Finally, let me reiterate, that we encourage China to increase confidence that sensitive dual-use exports will not be diverted to inappropriate end-uses. Secure trade is vital to increasing U.S. high-technology exports to China.
For our part, we must reaffirm our commitment to free trade on fair terms.
In spite of the inherent friction that arises in any relationship, we cannot retreat from the global marketplace. We cannot shrink from the vast challenges involved in trading with China! We cannot withdraw from the world economy because competition is heating up!
We are a nation of optimists and innovators. The President believes that American workers can compete with anyone on fair terms. Our challenge as a free-trading democracy is to sustain support for open markets when trade friction builds pressure to retreat from free trade.
New trade barriers would do great damage to the U.S. and to the global economy. We must reject the medieval medicine offered by the economic isolationists!
Protectionism failed in the past; these policies will fail us again if new trade walls rise up on the old, antiquated, protectionist foundations.
We ask that China become a responsible stakeholder in the international economic system, by aligning its economy with market-based principles. The main reason for China to embrace free markets and transparency is because doing so is strongly in her own interest.
Our relationship continues to trend in the right direction, proving that engagement is better than closed borders. We recognize that China has enormous challenges to address. There are still 160 million Chinese living in poverty. The Chinese economy is still roughly one-seventh the size of the America economy. For those reasons, Chinese leadership faces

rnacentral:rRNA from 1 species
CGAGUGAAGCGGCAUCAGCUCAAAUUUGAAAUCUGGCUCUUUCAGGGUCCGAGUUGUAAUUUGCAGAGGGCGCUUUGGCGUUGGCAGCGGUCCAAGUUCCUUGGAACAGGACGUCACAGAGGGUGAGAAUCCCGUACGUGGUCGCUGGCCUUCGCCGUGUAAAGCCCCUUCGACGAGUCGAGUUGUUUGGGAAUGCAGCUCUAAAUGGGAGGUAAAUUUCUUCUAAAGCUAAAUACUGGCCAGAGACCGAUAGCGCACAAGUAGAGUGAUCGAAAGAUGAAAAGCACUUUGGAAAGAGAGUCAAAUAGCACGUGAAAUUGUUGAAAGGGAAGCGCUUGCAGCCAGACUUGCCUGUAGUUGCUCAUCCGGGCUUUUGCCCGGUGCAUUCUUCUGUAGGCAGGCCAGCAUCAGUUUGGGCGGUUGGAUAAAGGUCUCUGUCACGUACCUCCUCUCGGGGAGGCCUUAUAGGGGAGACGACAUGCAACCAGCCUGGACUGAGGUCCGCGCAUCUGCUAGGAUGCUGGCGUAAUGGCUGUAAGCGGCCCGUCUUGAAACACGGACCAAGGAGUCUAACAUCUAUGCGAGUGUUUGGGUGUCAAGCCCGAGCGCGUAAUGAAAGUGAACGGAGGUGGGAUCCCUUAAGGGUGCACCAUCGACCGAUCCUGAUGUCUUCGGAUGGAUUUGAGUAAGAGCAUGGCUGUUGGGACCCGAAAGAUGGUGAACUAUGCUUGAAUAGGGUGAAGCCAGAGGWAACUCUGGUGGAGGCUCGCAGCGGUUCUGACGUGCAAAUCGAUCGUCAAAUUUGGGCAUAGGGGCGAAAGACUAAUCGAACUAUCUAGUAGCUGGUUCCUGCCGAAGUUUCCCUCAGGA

a big decision.
Will they accelerate market reforms at a pace that will produce more progress, or will they postpone reform, increase frustration in the United States, and risk the enormous progress they’ve made?
I believe that the Chinese leadership is determined to make progress and that they will accelerate the pace of their reforms. And by moving further toward market forces, they will strengthen one of the 21st century’s most important economic relationships.
As I conclude my remarks, I want to emphasize that our economic engagement produces benefits that transcend financial statements. Men and women doing business in China are introducing the democratic values of transparency, rule of law, and respect for property rights and individual freedom across Chinese society.
The private sector role should never be overlooked. When a new factory opens, a new plant, or a new store-front: Those entrepreneurs are assuming the risk, investing the money, creating the jobs, and making a difference.
Many men and women that compose China’s younger generation have attended American universities. Their understanding of the global economy is a powerful asset for China's society.
The United States stands on the path that leads to freedom, prosperity, and stability. We ask China to join us on this path, to strengthen our trade and our partnership to serve both of our national interests and the interests of the world community.